This is a killer premise, right? What if you got a head injury that caused you to have amnesia about the past ten years? What were you doing ten years ago? How are you different now? What would your ten years ago self think about your life now?
In What Alice Forgot the main character wakes up from a bad fall convinced it’s 1998 and that she’s 29, blissfully married, and expecting her first baby. Except it’s really 2008, her marriage is on the rocks, they have three kids, and she’s somehow become a gym rat, sharp and critical, and an expensive mum-about-town.
In seeing her life through the eyes of her younger self, Alice is forced to confront how small incremental choices can lead to major changes, and, as her memory slowly returns, she must negotiate between her two selves and decide what she really wants.
The themes in the book are thought-provoking. For example, I found myself really considering how my younger self would see my husband and children if they were like strangers, versus how I react to them with the memories of years of history. In the book, Alice looks at her oldest daughter and thinks to tell her how beautiful she is, or what a great sister she is, when the Alice who had raised the daughter for ten years was focused on negative things. And the younger Alice reacted to her husband as someone who adored and admired him, versus the older Alice who reacted based on years of hurts and disappointment. It really made me think about how I don’t always stop to take in the wonder of my family and to tell them how amazing they are.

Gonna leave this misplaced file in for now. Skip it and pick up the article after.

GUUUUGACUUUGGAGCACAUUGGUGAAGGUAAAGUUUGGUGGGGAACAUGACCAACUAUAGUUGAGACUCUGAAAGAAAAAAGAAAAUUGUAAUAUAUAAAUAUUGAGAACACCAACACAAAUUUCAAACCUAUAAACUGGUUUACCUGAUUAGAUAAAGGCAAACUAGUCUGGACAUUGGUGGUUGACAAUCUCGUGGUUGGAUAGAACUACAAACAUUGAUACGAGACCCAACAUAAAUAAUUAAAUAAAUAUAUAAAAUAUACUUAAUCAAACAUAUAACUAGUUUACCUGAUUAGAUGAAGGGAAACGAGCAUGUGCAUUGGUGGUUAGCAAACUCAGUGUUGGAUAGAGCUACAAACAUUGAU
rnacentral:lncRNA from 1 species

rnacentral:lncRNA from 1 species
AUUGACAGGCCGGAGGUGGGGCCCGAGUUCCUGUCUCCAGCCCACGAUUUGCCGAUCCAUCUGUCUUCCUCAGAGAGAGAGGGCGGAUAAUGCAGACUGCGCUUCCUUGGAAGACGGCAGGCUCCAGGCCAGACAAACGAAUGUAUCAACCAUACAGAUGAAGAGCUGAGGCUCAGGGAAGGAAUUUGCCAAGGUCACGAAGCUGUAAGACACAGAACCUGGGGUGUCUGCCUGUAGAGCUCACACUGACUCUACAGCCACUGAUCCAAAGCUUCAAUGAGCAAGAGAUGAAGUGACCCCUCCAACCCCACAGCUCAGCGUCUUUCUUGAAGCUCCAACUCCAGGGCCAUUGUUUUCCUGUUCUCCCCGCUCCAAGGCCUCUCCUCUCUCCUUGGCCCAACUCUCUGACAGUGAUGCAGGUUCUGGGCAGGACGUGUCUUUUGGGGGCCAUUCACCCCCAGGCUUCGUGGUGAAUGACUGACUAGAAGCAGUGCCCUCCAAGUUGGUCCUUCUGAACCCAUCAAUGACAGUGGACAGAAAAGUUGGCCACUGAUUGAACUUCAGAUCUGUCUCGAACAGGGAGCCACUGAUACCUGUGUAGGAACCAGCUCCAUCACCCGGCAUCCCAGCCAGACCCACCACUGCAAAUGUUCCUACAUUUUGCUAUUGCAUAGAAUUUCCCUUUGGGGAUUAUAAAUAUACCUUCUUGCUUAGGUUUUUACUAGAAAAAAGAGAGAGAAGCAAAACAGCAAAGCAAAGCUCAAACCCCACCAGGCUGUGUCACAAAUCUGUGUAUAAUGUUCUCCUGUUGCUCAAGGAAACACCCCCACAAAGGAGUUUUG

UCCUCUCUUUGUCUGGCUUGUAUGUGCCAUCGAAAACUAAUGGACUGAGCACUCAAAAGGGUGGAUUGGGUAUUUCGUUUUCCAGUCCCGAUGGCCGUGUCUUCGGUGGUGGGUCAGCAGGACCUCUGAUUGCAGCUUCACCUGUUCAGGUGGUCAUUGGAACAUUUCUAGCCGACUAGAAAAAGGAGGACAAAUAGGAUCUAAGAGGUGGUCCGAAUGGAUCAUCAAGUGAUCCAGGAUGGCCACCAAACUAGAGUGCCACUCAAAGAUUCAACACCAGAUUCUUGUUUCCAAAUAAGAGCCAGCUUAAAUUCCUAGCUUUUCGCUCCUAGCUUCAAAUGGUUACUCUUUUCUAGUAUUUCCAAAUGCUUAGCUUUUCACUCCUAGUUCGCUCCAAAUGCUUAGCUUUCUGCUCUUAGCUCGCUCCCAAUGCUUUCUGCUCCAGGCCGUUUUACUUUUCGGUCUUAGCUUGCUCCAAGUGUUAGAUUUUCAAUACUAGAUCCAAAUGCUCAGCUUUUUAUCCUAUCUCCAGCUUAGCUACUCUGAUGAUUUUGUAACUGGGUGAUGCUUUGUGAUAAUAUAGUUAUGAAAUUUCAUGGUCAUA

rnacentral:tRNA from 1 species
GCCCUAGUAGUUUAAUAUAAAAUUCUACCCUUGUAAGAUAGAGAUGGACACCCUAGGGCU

At times I found the book a little annoying, in that awkward “Oh geez, she’s about to mess something up again” sort of way. But the strength of the premise and the conclusion redeemed it.
If you’re looking for an interesting, quick fiction read, you might check out What Alice Forgot.
What do you think your ten years ago self would think of the person you’ve become and the life you’re leading now?
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